WEDNESDAY 19 NOVEMBER 2014, 17.00
ASA BRIGGS HALL 210, KENSINGTON CAMPUS
Cutting, Arranging and Pasting:
Displaying Graphic Culture in the Collection of
Sarah Sophia Banks (1744-1818)
Dr Arlene Leis
In this lecture I focus on the display of printed ephemera in the collection of Sarah Sophia Banks, the sister of the celebrated botanist and patron of the natural sciences, Sir Joseph Banks. Comprising an early form of scrapbook, Sarah Sophia’s repository contains a rich assemblage of commercial materials, including playbills, admission tickets, broadsheets, newspaper clippings and trade cards – works which, although never displayed within the exhibition arena, hold considerable art-historical value. However, even as the scrapbook approach that Sarah Sophia employed for systematizing her collection makes it seem a particularly personal enterprise, we should also view it as a mechanism that brought the public domain into the domestic sphere. Not only did this important collection play a significant role in the construction of genteel ideals of femininity, it simultaneously exhibited traces of the wider graphic culture from which it was born.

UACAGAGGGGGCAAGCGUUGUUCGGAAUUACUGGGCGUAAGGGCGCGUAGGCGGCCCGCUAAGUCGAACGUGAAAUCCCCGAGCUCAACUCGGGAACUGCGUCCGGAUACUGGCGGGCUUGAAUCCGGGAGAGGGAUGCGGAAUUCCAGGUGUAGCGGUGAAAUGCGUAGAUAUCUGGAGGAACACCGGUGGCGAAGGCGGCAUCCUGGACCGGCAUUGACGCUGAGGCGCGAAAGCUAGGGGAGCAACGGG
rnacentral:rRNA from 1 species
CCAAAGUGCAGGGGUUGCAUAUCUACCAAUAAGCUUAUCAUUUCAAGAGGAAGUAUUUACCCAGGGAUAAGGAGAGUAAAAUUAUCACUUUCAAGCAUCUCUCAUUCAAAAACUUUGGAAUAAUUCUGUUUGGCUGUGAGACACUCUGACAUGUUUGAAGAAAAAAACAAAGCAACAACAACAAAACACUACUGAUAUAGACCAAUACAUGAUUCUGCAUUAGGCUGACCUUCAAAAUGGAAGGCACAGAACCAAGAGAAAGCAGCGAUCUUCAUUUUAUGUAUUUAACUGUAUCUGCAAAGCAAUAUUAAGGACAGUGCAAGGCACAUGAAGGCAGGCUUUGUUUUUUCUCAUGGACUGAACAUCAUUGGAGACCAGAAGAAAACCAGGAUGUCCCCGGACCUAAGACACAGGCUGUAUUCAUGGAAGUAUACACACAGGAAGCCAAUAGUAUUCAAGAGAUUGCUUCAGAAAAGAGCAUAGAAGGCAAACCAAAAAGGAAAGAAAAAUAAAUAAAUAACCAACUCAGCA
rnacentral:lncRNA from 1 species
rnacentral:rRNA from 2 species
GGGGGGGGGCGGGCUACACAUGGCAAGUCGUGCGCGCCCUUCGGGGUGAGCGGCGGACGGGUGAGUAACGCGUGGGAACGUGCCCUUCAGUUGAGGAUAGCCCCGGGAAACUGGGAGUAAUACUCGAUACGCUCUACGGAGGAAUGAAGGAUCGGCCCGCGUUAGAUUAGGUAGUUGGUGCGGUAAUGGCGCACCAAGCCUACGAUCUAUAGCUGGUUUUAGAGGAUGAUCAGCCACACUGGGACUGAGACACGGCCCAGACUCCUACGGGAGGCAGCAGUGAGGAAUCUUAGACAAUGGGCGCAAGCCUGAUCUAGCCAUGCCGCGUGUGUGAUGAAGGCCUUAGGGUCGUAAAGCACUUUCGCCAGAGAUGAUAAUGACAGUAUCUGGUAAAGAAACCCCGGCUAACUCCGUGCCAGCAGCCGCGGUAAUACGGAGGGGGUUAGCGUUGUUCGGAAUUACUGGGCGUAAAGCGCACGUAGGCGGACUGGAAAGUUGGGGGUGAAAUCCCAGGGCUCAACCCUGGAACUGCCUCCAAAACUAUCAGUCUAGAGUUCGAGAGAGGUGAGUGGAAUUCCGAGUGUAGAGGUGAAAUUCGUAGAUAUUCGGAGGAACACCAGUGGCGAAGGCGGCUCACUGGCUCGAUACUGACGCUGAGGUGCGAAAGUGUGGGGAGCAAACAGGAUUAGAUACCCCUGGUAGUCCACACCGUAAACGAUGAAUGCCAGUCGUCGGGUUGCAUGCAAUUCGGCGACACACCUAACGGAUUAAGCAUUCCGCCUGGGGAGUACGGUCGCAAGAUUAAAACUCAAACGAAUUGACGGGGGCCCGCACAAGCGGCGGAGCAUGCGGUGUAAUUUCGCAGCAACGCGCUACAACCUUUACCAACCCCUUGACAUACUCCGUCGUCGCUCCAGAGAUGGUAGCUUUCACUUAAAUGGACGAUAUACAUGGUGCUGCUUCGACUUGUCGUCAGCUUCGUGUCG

Dr Arlene Leis graduated with an MA in Art History from Richmond in 2008 and completed her PhD at the University of York in 2013. Arlene was recently awarded a Paul Mellon post-doctoral research grant to prepare her book Sarah Sophia Banks: Femininity, Sociability and the Practice of Collecting in Late Georgian England.